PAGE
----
On October 28, 2021, New York Senate Bill S4394A/A.5144A was signed into law, significantly expanding New York’s whistleblower law (Section 740). The Whistleblower Law protects individuals from retaliatory actions by an employer for reporting activity, a policy or practice that is in violation of a federal, state or local law, rule or regulation. As of January 26, 2022, the law provides expanded protections which have now officially gone into effect. As such, employers will need to be cognizant of the changes being implemented as well as their new obligations to individuals.
A number of additional protections were provided as part of the amendments to Section 740. Specifically, Section 740 prohibits an employer from taking retaliatory action against an employee for one of the following actions:
- Disclosing, or threatening to disclose to a supervisor or to a public body an activity, policy or practice of the employer that is in violation of law, rule or regulation which violation creates and presents a substantial and specific danger to the public health or safety, or which constitutes health care fraud;
- Providing information to, or testifying before, any public body conducting an investigation, hearing or inquiry into any such violation of a law, rule or regulation by such employer;
- or Objecting to, or refusing to participate in any such activity, policy or practice in violation of a law, rule or regulation.
Employers should also be aware that when filing complaints, employees are not required to give their employer advance notice when whistleblowing to a supervisor or public body if:
- There is an imminent and serious danger to public health;
- By giving notice the employee thinks related evidence will be destroyed;
- Minors are at risk;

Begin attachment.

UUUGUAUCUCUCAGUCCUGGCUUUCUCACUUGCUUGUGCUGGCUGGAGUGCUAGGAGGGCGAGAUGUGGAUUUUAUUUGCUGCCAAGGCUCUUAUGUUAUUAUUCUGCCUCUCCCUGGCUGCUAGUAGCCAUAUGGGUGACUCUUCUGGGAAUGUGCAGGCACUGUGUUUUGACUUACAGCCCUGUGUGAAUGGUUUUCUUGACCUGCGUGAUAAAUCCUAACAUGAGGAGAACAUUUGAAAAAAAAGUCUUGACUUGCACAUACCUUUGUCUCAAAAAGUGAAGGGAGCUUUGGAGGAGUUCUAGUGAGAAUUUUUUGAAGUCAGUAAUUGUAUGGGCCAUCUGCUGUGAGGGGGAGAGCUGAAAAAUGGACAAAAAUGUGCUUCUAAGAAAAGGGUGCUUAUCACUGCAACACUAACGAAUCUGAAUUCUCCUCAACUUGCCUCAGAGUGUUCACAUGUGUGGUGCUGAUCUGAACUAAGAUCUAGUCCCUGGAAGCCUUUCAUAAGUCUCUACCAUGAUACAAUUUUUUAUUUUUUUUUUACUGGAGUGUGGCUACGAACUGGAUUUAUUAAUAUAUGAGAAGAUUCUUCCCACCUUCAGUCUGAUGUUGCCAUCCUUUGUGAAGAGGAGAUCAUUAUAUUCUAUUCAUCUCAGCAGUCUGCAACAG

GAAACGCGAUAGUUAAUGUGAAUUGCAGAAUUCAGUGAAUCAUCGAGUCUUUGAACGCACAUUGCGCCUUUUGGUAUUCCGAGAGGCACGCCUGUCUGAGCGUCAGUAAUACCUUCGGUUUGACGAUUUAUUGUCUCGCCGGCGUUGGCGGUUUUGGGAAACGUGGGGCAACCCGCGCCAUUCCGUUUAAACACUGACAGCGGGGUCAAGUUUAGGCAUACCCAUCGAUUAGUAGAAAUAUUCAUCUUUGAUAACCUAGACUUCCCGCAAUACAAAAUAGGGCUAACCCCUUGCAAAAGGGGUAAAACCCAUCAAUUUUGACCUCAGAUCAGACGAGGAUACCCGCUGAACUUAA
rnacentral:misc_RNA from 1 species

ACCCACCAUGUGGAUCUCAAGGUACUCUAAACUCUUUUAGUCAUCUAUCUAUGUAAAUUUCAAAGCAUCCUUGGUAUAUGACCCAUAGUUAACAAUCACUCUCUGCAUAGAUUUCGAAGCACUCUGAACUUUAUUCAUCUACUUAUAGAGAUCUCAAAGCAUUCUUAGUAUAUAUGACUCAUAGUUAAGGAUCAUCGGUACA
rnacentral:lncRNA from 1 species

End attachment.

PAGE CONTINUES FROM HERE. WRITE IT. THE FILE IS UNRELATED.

- The employee or someone else would be physically harmed; or
- The supervisor already knows about the issue and will not correct it.
A number of clarifications were also made to the definitions surrounding the applicability of the law. For instance, the law’s definition of retaliatory action was greatly expanded. Retaliatory action has now been defined as “an adverse action taken by an employer or his or her agent to discharge, threaten, penalize, or in any other manner discriminate against any employee or former employee exercising his or her rights under the section, including:
- adverse employment actions or threats to take such adverse employment actions against an employee in the terms or conditions of employment including but not limited to discharge, suspension, or demotion;
- actions or threats to take such actions that would adversely impact a former employee’s current or future employment; or
- threatening to contact or contacting the United States immigration authorities or otherwise reporting or threatening to report an employee’s suspected citizenship or immigration status or the suspected citizenship or immigration status of an employee’s family or household member to a federal, state or local agency.
The amended law also defines employees to now include former employees as well as independent contractors.
As part of the expansion under the law, employers are now also mandated to inform individuals of their protections, rights, and obligations under the law by posting a notice in the workplace. It is required that the notice is posted in a “conspicuous, easily accessible, well-lit area that is customarily frequented by employees and applicants for employment.” The New York Department of Labor has released a model notice that employers can post in order to ensure compliance.
Next Steps for Employers
The law is silent on whether electronic notice is an acceptable format of delivery, but for those employers with remote workers and/or without physical locations, it would be a best practice to ensure that an electronic version of the notice is provided to employees. Finally, it would be recommended to have current and future employees sign and acknowledge receipt of the notice and retain a copy of said acknowledgment in the employee’s personnel file.
While the law does not specifically require employers to have a handbook policy, it is strongly recommended that covered employers implement a policy to demonstrate a commitment to whistleblower protection and to outline a reporting framework for any concerns.